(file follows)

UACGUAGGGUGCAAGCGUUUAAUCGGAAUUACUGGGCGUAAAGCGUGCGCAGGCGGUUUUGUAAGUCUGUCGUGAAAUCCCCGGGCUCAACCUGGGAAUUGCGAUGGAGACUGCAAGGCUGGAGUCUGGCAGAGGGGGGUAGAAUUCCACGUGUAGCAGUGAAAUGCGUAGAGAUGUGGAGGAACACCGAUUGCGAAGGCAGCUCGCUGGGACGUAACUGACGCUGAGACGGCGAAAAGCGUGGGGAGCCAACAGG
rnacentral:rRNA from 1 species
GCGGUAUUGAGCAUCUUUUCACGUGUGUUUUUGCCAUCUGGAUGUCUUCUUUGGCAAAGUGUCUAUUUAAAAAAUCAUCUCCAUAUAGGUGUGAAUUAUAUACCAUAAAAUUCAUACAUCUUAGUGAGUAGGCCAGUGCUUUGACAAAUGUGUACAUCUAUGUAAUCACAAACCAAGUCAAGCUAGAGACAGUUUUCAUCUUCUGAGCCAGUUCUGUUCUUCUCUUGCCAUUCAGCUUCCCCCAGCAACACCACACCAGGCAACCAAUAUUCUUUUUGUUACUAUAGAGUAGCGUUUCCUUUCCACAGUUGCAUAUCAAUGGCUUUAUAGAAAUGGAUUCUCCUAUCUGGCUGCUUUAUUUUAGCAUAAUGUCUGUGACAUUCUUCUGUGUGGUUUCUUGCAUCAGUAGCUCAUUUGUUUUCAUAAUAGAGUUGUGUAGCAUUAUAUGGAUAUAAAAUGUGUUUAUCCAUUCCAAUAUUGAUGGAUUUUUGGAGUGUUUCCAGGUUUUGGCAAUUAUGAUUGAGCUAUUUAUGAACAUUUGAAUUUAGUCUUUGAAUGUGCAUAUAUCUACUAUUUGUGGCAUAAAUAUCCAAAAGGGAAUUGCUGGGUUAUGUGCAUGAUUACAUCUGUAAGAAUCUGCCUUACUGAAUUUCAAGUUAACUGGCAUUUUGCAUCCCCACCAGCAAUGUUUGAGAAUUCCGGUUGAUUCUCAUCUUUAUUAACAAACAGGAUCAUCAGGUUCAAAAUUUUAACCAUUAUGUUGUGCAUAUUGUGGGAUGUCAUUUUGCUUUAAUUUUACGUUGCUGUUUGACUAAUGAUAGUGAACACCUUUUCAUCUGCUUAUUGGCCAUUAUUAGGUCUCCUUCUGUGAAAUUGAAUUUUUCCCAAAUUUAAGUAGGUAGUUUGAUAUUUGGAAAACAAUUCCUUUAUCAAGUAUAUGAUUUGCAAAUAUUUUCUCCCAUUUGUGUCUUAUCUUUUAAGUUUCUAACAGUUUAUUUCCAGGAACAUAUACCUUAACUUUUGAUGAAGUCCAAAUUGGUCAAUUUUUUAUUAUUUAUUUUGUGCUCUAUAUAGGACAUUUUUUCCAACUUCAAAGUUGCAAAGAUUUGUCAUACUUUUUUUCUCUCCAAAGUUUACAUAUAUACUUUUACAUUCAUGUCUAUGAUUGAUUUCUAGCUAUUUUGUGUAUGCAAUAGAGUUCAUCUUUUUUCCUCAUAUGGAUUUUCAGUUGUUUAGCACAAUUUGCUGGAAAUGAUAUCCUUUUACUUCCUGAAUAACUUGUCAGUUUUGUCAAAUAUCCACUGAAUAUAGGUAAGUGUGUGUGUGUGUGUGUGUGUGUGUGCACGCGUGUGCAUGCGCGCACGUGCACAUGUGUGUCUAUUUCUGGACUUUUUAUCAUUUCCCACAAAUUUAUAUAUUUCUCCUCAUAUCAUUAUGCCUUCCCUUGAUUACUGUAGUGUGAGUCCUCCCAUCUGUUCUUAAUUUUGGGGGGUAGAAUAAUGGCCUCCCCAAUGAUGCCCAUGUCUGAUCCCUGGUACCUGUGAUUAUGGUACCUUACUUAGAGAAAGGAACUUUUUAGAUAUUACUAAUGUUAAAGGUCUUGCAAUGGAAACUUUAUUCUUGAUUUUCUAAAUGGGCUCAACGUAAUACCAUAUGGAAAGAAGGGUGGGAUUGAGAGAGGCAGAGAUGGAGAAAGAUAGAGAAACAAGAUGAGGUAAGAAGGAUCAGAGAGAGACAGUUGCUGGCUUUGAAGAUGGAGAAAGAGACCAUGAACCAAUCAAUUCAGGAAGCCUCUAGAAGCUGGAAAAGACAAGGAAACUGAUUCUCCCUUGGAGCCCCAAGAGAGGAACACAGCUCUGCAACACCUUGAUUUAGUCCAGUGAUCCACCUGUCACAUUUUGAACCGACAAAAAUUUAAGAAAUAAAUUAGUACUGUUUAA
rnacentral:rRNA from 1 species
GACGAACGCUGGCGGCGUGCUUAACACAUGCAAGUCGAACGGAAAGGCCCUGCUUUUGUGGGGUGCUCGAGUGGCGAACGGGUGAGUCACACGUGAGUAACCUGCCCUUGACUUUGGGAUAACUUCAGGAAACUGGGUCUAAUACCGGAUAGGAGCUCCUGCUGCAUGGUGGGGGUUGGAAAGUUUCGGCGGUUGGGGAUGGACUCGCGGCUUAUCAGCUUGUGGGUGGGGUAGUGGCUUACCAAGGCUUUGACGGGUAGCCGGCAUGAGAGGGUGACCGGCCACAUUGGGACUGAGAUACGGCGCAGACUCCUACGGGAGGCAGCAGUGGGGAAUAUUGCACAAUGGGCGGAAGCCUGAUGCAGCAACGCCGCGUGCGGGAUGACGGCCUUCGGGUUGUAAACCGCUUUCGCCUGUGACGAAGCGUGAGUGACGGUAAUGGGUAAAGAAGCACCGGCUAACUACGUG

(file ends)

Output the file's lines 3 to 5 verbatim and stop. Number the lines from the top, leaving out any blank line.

GCGGUAUUGAGCAUCUUUUCACGUGUGUUUUUGCCAUCUGGAUGUCUUCUUUGGCAAAGUGUCUAUUUAAAAAAUCAUCUCCAUAUAGGUGUGAAUUAUAUACCAUAAAAUUCAUACAUCUUAGUGAGUAGGCCAGUGCUUUGACAAAUGUGUACAUCUAUGUAAUCACAAACCAAGUCAAGCUAGAGACAGUUUUCAUCUUCUGAGCCAGUUCUGUUCUUCUCUUGCCAUUCAGCUUCCCCCAGCAACACCACACCAGGCAACCAAUAUUCUUUUUGUUACUAUAGAGUAGCGUUUCCUUUCCACAGUUGCAUAUCAAUGGCUUUAUAGAAAUGGAUUCUCCUAUCUGGCUGCUUUAUUUUAGCAUAAUGUCUGUGACAUUCUUCUGUGUGGUUUCUUGCAUCAGUAGCUCAUUUGUUUUCAUAAUAGAGUUGUGUAGCAUUAUAUGGAUAUAAAAUGUGUUUAUCCAUUCCAAUAUUGAUGGAUUUUUGGAGUGUUUCCAGGUUUUGGCAAUUAUGAUUGAGCUAUUUAUGAACAUUUGAAUUUAGUCUUUGAAUGUGCAUAUAUCUACUAUUUGUGGCAUAAAUAUCCAAAAGGGAAUUGCUGGGUUAUGUGCAUGAUUACAUCUGUAAGAAUCUGCCUUACUGAAUUUCAAGUUAACUGGCAUUUUGCAUCCCCACCAGCAAUGUUUGAGAAUUCCGGUUGAUUCUCAUCUUUAUUAACAAACAGGAUCAUCAGGUUCAAAAUUUUAACCAUUAUGUUGUGCAUAUUGUGGGAUGUCAUUUUGCUUUAAUUUUACGUUGCUGUUUGACUAAUGAUAGUGAACACCUUUUCAUCUGCUUAUUGGCCAUUAUUAGGUCUCCUUCUGUGAAAUUGAAUUUUUCCCAAAUUUAAGUAGGUAGUUUGAUAUUUGGAAAACAAUUCCUUUAUCAAGUAUAUGAUUUGCAAAUAUUUUCUCCCAUUUGUGUCUUAUCUUUUAAGUUUCUAACAGUUUAUUUCCAGGAACAUAUACCUUAACUUUUGAUGAAGUCCAAAUUGGUCAAUUUUUUAUUAUUUAUUUUGUGCUCUAUAUAGGACAUUUUUUCCAACUUCAAAGUUGCAAAGAUUUGUCAUACUUUUUUUCUCUCCAAAGUUUACAUAUAUACUUUUACAUUCAUGUCUAUGAUUGAUUUCUAGCUAUUUUGUGUAUGCAAUAGAGUUCAUCUUUUUUCCUCAUAUGGAUUUUCAGUUGUUUAGCACAAUUUGCUGGAAAUGAUAUCCUUUUACUUCCUGAAUAACUUGUCAGUUUUGUCAAAUAUCCACUGAAUAUAGGUAAGUGUGUGUGUGUGUGUGUGUGUGUGUGCACGCGUGUGCAUGCGCGCACGUGCACAUGUGUGUCUAUUUCUGGACUUUUUAUCAUUUCCCACAAAUUUAUAUAUUUCUCCUCAUAUCAUUAUGCCUUCCCUUGAUUACUGUAGUGUGAGUCCUCCCAUCUGUUCUUAAUUUUGGGGGGUAGAAUAAUGGCCUCCCCAAUGAUGCCCAUGUCUGAUCCCUGGUACCUGUGAUUAUGGUACCUUACUUAGAGAAAGGAACUUUUUAGAUAUUACUAAUGUUAAAGGUCUUGCAAUGGAAACUUUAUUCUUGAUUUUCUAAAUGGGCUCAACGUAAUACCAUAUGGAAAGAAGGGUGGGAUUGAGAGAGGCAGAGAUGGAGAAAGAUAGAGAAACAAGAUGAGGUAAGAAGGAUCAGAGAGAGACAGUUGCUGGCUUUGAAGAUGGAGAAAGAGACCAUGAACCAAUCAAUUCAGGAAGCCUCUAGAAGCUGGAAAAGACAAGGAAACUGAUUCUCCCUUGGAGCCCCAAGAGAGGAACACAGCUCUGCAACACCUUGAUUUAGUCCAGUGAUCCACCUGUCACAUUUUGAACCGACAAAAAUUUAAGAAAUAAAUUAGUACUGUUUAA
rnacentral:rRNA from 1 species
GACGAACGCUGGCGGCGUGCUUAACACAUGCAAGUCGAACGGAAAGGCCCUGCUUUUGUGGGGUGCUCGAGUGGCGAACGGGUGAGUCACACGUGAGUAACCUGCCCUUGACUUUGGGAUAACUUCAGGAAACUGGGUCUAAUACCGGAUAGGAGCUCCUGCUGCAUGGUGGGGGUUGGAAAGUUUCGGCGGUUGGGGAUGGACUCGCGGCUUAUCAGCUUGUGGGUGGGGUAGUGGCUUACCAAGGCUUUGACGGGUAGCCGGCAUGAGAGGGUGACCGGCCACAUUGGGACUGAGAUACGGCGCAGACUCCUACGGGAGGCAGCAGUGGGGAAUAUUGCACAAUGGGCGGAAGCCUGAUGCAGCAACGCCGCGUGCGGGAUGACGGCCUUCGGGUUGUAAACCGCUUUCGCCUGUGACGAAGCGUGAGUGACGGUAAUGGGUAAAGAAGCACCGGCUAACUACGUG